Non-Recourse Loan (Debt) Definition
A non-recourse loan is a category of loan wherein the borrower has to attach some collateral security to the loan contract like property, equipment, bank fixed deposits, etc in order to secure the loan for the lender. In case of default by the borrower, the lender can seize the collateral to clear the dues. The collateral security is generally property.
- The borrower under a non-recourse debt is not personally liable. That means if borrower defaults then the lender can finally recover the dues by seizing the collateral.
- But if the collateral does not cover the full value of the loan then the lender cannot ask the borrower to pay further.
Non-Recourse Loan (Debt) Example
The need to distinguish recourse loan from non-recourse loan arises only if borrower defaults and some money is still owed on the loan. The involvement of collateral security is the basic means to differentiate recourse from the non-recourse loan.
For example, Ms. Jolly and Mr. Happy both individually want to purchase the house. They both took loans of $240,000 to be paid within 2 years by paying $10000 every month.
Mr. Happy purchased the house on a recourse loan i.e. without providing any collateral to the lender hence become personally liable in case of defaults. While Ms. Jolly mortgaged the house purchased against the loan taken. i.e. she provides the house purchased as collateral.
Assume both get defaulted after paying 4-month installments of $40000. i.e. a total of $200,000 remains unpaid. The current market value of the houses is $180,000 only. The lender seized the houses of both the borrowers and recovered $180,000. An amount of $20000 still remains unpaid.
Now Mr. Happy who took a recourse loan has to further pay $20000 from his personal assets but Ms. Jolly is not personally liable to pay any further amount. So while providing a non-recourse debt, it’s the duty of lender to properly check the fair value of the property.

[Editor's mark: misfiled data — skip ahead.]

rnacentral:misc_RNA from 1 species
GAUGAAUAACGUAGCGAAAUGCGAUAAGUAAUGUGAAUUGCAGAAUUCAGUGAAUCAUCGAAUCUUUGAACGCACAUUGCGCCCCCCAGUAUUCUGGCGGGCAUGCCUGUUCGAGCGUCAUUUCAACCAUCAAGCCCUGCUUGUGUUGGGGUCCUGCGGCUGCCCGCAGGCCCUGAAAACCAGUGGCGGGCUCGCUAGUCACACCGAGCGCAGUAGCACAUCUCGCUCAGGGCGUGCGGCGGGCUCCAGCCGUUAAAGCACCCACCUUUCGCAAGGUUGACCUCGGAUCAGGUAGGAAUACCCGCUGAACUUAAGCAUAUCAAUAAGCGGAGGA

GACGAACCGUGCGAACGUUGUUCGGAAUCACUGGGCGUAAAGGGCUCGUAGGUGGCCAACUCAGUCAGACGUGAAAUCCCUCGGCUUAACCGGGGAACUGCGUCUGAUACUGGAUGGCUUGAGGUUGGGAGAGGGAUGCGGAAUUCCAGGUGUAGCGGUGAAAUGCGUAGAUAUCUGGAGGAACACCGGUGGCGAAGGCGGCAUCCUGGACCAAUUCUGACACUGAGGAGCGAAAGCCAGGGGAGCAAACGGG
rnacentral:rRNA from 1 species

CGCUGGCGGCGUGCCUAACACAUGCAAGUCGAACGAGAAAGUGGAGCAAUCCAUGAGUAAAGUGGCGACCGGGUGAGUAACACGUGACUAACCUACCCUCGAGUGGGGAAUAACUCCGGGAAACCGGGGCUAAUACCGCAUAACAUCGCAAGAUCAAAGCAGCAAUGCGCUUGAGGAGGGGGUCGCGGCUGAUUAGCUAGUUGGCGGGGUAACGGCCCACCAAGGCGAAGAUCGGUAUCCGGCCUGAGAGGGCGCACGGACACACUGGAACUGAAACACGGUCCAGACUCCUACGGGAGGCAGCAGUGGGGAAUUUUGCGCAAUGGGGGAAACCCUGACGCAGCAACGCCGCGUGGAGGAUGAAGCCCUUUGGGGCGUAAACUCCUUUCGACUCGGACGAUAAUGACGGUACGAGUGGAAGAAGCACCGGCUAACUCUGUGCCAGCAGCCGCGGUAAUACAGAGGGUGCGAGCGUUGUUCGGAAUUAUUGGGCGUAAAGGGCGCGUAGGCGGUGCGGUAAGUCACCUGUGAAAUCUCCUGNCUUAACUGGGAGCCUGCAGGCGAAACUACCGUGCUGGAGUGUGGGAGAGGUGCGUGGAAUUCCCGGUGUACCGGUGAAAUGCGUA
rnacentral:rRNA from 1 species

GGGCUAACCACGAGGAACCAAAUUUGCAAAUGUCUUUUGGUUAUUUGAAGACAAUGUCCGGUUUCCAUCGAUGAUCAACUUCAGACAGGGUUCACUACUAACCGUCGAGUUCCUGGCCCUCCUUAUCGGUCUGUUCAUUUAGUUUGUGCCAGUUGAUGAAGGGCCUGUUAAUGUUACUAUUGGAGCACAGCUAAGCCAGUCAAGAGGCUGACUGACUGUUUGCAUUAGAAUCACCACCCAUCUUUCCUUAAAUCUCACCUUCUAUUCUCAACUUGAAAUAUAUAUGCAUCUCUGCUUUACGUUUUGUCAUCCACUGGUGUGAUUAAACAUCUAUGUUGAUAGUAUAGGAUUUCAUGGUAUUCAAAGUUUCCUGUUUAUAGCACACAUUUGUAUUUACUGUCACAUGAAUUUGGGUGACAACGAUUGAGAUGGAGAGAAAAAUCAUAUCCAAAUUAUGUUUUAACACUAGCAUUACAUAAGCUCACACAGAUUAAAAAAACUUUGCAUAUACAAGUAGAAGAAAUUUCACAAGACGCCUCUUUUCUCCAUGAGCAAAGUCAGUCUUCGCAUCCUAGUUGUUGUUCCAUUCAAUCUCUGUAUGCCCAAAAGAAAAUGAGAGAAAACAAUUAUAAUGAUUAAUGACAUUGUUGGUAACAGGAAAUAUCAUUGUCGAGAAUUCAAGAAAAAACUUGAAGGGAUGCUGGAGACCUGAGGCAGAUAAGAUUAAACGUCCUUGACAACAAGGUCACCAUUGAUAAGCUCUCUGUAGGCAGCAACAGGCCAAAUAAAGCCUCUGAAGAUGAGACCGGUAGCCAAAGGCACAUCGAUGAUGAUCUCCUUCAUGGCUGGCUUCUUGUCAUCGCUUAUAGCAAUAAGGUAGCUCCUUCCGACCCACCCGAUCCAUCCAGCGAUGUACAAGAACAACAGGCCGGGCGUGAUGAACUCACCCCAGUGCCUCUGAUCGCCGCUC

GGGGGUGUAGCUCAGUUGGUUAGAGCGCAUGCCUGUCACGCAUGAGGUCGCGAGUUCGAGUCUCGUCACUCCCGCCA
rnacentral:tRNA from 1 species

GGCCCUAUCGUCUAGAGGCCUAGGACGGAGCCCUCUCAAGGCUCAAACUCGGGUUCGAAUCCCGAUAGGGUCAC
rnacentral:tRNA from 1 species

Difference Between Recourse and Non-Recourse Debt (Loan)
|Sr.no.||Recourse Loan||Non-Recourse Loan|
|1||Personal liability: Lender can seize the collateral and can claim further money from the borrower’s personal assets if the debt is not settled.||The lender is limited to seize the collateral under loan contract and cannot further demand any more payments.|
|2||The lender can rightfully recover all the dues||Lender’s recovery is limited|
|3||Lender before offering loans properly checks the credibility and background of the borrower.||The lender checks the current value and future market projections of collateral provided by the borrower.|
|4||High amounts can be offered under recourse loans.||The amount of loan is limited up to the value of the collateral. Generally lower than the value of the collateral.|
|5||Due to the personal liability of borrowers, the lender usually offers lower interest rates.||The lender tries to charge higher rates of interest due to the higher risk of repayment.|
Anti Deficiency Laws in Non-Recourse Loans